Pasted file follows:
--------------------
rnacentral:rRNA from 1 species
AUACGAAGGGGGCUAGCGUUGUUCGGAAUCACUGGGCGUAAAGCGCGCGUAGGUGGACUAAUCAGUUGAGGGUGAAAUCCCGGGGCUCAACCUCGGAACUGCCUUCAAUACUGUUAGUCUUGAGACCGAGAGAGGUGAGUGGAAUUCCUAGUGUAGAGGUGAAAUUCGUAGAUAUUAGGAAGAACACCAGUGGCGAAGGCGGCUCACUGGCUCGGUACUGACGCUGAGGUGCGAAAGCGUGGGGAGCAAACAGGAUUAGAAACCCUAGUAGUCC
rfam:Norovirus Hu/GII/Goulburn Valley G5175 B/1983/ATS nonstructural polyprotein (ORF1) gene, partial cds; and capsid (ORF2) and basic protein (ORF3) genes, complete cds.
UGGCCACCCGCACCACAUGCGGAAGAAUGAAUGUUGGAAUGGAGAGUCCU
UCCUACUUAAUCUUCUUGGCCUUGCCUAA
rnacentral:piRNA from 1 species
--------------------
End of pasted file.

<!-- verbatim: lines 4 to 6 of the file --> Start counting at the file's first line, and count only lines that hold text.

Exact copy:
UGGCCACCCGCACCACAUGCGGAAGAAUGAAUGUUGGAAUGGAGAGUCCU
UCCUACUUAAUCUUCUUGGCCUUGCCUAA
rnacentral:piRNA from 1 species